Overall, the three novels I selected to showcase this weekend and to begin the discussion into how she curates her tone, narrative style & the convicting story-lines of her Contemporary Women’s Fiction Suspense Thrillers is to focus on the trifecta of her collective works which for me were novels one, two & three! The second as mentioned I had a special reason of wanting to read it having hosted the blog tour; the debut as I love to see where a writer begins their writerly career and the third, quite literally was decided due to the narrator who breathed a breath of life into the book as it funnelled its way into my ears!

I lost the hours to properly devour each of these lovelies in full – but as you will see, even with my method of ‘previewing’ the stories ahead of #SatBookChat, I have quite a heap to share about what I am finding inside them; which either meant I was curiously hopeful about what would happen next or I was so dearly chilled by what I found inside the story itself, I realised I could not pursue it further.

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Without further adieu,
I give you my first “#SatBookChat sampler”
ahead of conversing with the author whose penned these chilling stories of Women’s Fiction!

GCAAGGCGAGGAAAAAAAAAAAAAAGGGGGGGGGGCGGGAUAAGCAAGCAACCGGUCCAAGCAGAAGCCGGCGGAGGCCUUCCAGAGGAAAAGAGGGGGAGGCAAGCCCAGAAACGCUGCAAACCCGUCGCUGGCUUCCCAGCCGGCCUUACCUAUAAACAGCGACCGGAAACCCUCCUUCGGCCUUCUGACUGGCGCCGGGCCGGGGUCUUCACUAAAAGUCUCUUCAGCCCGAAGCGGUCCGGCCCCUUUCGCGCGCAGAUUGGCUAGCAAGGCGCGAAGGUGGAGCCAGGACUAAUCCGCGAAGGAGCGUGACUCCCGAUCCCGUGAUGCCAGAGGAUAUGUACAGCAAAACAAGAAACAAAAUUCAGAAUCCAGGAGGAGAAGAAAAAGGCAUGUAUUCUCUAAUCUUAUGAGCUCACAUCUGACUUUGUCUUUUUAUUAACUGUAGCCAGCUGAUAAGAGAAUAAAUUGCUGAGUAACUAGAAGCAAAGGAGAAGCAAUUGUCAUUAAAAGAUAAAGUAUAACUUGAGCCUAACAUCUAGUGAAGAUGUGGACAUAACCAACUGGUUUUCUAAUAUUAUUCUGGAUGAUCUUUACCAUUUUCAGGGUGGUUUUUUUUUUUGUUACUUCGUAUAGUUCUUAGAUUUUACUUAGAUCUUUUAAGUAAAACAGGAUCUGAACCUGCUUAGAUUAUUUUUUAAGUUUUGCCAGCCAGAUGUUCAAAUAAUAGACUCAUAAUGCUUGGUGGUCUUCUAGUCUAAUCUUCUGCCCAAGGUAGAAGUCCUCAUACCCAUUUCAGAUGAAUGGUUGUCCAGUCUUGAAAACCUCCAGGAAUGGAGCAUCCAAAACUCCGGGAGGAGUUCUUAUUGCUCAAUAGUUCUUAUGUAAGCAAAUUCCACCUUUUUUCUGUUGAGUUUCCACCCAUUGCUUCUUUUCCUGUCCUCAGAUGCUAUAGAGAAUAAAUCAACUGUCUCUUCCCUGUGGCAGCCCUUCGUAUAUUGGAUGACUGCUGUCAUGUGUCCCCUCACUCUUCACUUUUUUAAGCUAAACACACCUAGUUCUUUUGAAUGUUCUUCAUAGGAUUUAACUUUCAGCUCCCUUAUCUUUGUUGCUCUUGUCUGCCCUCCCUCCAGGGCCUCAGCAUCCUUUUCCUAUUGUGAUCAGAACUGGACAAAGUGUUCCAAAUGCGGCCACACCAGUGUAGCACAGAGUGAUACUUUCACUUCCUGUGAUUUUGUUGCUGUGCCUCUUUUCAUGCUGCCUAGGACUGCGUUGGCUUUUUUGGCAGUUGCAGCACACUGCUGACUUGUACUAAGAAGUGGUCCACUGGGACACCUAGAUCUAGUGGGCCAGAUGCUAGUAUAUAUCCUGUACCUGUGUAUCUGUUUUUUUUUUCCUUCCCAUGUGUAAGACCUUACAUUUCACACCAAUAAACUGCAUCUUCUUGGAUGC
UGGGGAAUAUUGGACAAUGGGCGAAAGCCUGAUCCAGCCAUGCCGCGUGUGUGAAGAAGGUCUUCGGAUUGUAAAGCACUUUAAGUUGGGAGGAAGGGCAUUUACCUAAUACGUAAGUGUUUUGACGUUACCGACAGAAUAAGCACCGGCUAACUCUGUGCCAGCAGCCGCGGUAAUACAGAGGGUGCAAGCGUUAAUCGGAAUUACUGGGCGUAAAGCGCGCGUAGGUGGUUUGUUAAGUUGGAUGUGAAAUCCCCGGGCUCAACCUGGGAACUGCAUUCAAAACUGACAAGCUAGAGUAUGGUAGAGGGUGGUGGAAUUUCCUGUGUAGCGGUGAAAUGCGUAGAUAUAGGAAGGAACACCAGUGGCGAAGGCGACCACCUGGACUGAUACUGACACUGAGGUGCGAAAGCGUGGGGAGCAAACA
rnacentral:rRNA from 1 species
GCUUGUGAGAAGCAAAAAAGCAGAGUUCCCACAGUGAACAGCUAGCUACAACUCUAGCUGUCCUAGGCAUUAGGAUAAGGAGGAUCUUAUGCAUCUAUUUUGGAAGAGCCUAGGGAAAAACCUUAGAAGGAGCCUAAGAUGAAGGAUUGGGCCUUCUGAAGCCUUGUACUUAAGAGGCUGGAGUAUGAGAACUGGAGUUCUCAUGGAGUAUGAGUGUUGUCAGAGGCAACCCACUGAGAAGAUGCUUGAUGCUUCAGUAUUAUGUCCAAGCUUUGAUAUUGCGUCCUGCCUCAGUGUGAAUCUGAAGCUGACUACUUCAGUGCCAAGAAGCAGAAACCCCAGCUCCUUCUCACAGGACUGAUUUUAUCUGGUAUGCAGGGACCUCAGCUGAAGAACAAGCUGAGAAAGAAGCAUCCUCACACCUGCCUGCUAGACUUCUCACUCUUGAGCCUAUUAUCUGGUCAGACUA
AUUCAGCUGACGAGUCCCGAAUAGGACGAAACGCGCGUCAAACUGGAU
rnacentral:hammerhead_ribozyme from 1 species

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The Contemporary Women’s Fiction novels of Kimberly S. Belle

I sampled ahead of #SatBookChat’s conversation!

The Last Breath by Kimberly BelleThe Ones We Trust by Kimberly BelleThe Marriage Lie by Kimberly Belle

The Last Breath (2014)

The Ones We Trust (2015)

The Marriage Lie (audiobook) (2016)

 → forthcoming release: Stranger in the Lake (2020)

About Ms Kimberly Belle

Kimberly Belle

Kimberly Belle is the USA Today and internationally bestselling author of five novels, including the newly released domestic suspense, Dear Wife (June 2019).

Her third novel, The Marriage Lie, was a semifinalist in the 2017 Goodreads Choice Awards for Best Mystery & Thriller, and her work has been translated into a dozen languages.

A graduate of Agnes Scott College, Belle divides her time between Atlanta and Amsterdam.

Fun Stuff for Your Blog via pureimaginationblog.comConverse via: #AudioReads + #AutumnReads with #KimberlyBelle
also #WomensFiction #Suspense or #Thriller